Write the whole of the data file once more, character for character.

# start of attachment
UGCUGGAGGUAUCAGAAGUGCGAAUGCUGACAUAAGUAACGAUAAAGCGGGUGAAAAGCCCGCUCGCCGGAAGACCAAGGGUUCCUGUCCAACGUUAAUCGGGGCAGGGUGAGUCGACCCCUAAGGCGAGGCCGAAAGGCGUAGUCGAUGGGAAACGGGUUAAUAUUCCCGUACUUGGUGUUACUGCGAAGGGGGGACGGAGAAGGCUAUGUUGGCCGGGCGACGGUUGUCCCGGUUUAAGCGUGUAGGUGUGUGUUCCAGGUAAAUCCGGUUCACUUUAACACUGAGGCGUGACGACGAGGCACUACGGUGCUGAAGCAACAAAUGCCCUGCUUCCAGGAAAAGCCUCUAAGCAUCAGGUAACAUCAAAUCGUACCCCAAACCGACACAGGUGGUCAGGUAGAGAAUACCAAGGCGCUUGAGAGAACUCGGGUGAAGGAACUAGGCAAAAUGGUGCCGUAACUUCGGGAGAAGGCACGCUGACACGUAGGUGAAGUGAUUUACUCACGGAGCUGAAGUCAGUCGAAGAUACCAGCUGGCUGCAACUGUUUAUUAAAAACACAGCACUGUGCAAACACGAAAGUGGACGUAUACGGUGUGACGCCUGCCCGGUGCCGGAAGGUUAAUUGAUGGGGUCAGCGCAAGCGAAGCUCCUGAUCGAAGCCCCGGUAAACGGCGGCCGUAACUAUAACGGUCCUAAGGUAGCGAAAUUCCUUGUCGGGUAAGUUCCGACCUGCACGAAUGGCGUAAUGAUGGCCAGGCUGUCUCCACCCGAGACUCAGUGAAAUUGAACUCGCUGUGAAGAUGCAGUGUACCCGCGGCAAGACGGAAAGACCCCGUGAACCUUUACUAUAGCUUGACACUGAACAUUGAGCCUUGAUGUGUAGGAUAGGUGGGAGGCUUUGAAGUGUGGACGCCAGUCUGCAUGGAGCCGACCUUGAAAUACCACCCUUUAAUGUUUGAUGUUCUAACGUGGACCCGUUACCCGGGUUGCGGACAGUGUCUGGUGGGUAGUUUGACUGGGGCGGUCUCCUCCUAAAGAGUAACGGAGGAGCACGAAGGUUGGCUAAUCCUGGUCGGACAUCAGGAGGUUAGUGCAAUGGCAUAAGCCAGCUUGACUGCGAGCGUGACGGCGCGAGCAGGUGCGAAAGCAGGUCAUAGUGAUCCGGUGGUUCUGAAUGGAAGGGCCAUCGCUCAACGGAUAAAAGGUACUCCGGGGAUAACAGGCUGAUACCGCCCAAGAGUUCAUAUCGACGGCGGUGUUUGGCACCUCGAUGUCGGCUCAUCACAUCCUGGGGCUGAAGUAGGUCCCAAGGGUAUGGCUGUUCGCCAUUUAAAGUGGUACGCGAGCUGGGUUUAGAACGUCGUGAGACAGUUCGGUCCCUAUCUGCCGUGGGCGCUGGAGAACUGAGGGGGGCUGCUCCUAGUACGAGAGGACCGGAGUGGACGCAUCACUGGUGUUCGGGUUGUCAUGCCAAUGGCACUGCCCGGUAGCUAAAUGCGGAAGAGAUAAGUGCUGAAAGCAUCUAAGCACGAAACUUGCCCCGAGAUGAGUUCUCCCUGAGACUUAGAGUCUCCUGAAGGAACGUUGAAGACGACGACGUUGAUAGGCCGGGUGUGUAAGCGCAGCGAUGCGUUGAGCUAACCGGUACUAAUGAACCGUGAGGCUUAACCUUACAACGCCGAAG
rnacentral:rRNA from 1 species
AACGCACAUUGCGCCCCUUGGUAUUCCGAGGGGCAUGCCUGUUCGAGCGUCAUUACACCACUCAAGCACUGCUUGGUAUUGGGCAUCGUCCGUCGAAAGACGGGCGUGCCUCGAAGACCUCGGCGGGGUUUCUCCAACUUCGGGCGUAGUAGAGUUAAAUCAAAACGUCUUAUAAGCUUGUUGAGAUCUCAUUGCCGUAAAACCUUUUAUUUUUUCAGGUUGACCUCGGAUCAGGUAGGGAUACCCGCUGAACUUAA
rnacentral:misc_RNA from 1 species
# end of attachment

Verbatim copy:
UGCUGGAGGUAUCAGAAGUGCGAAUGCUGACAUAAGUAACGAUAAAGCGGGUGAAAAGCCCGCUCGCCGGAAGACCAAGGGUUCCUGUCCAACGUUAAUCGGGGCAGGGUGAGUCGACCCCUAAGGCGAGGCCGAAAGGCGUAGUCGAUGGGAAACGGGUUAAUAUUCCCGUACUUGGUGUUACUGCGAAGGGGGGACGGAGAAGGCUAUGUUGGCCGGGCGACGGUUGUCCCGGUUUAAGCGUGUAGGUGUGUGUUCCAGGUAAAUCCGGUUCACUUUAACACUGAGGCGUGACGACGAGGCACUACGGUGCUGAAGCAACAAAUGCCCUGCUUCCAGGAAAAGCCUCUAAGCAUCAGGUAACAUCAAAUCGUACCCCAAACCGACACAGGUGGUCAGGUAGAGAAUACCAAGGCGCUUGAGAGAACUCGGGUGAAGGAACUAGGCAAAAUGGUGCCGUAACUUCGGGAGAAGGCACGCUGACACGUAGGUGAAGUGAUUUACUCACGGAGCUGAAGUCAGUCGAAGAUACCAGCUGGCUGCAACUGUUUAUUAAAAACACAGCACUGUGCAAACACGAAAGUGGACGUAUACGGUGUGACGCCUGCCCGGUGCCGGAAGGUUAAUUGAUGGGGUCAGCGCAAGCGAAGCUCCUGAUCGAAGCCCCGGUAAACGGCGGCCGUAACUAUAACGGUCCUAAGGUAGCGAAAUUCCUUGUCGGGUAAGUUCCGACCUGCACGAAUGGCGUAAUGAUGGCCAGGCUGUCUCCACCCGAGACUCAGUGAAAUUGAACUCGCUGUGAAGAUGCAGUGUACCCGCGGCAAGACGGAAAGACCCCGUGAACCUUUACUAUAGCUUGACACUGAACAUUGAGCCUUGAUGUGUAGGAUAGGUGGGAGGCUUUGAAGUGUGGACGCCAGUCUGCAUGGAGCCGACCUUGAAAUACCACCCUUUAAUGUUUGAUGUUCUAACGUGGACCCGUUACCCGGGUUGCGGACAGUGUCUGGUGGGUAGUUUGACUGGGGCGGUCUCCUCCUAAAGAGUAACGGAGGAGCACGAAGGUUGGCUAAUCCUGGUCGGACAUCAGGAGGUUAGUGCAAUGGCAUAAGCCAGCUUGACUGCGAGCGUGACGGCGCGAGCAGGUGCGAAAGCAGGUCAUAGUGAUCCGGUGGUUCUGAAUGGAAGGGCCAUCGCUCAACGGAUAAAAGGUACUCCGGGGAUAACAGGCUGAUACCGCCCAAGAGUUCAUAUCGACGGCGGUGUUUGGCACCUCGAUGUCGGCUCAUCACAUCCUGGGGCUGAAGUAGGUCCCAAGGGUAUGGCUGUUCGCCAUUUAAAGUGGUACGCGAGCUGGGUUUAGAACGUCGUGAGACAGUUCGGUCCCUAUCUGCCGUGGGCGCUGGAGAACUGAGGGGGGCUGCUCCUAGUACGAGAGGACCGGAGUGGACGCAUCACUGGUGUUCGGGUUGUCAUGCCAAUGGCACUGCCCGGUAGCUAAAUGCGGAAGAGAUAAGUGCUGAAAGCAUCUAAGCACGAAACUUGCCCCGAGAUGAGUUCUCCCUGAGACUUAGAGUCUCCUGAAGGAACGUUGAAGACGACGACGUUGAUAGGCCGGGUGUGUAAGCGCAGCGAUGCGUUGAGCUAACCGGUACUAAUGAACCGUGAGGCUUAACCUUACAACGCCGAAG
rnacentral:rRNA from 1 species
AACGCACAUUGCGCCCCUUGGUAUUCCGAGGGGCAUGCCUGUUCGAGCGUCAUUACACCACUCAAGCACUGCUUGGUAUUGGGCAUCGUCCGUCGAAAGACGGGCGUGCCUCGAAGACCUCGGCGGGGUUUCUCCAACUUCGGGCGUAGUAGAGUUAAAUCAAAACGUCUUAUAAGCUUGUUGAGAUCUCAUUGCCGUAAAACCUUUUAUUUUUUCAGGUUGACCUCGGAUCAGGUAGGGAUACCCGCUGAACUUAA
rnacentral:misc_RNA from 1 species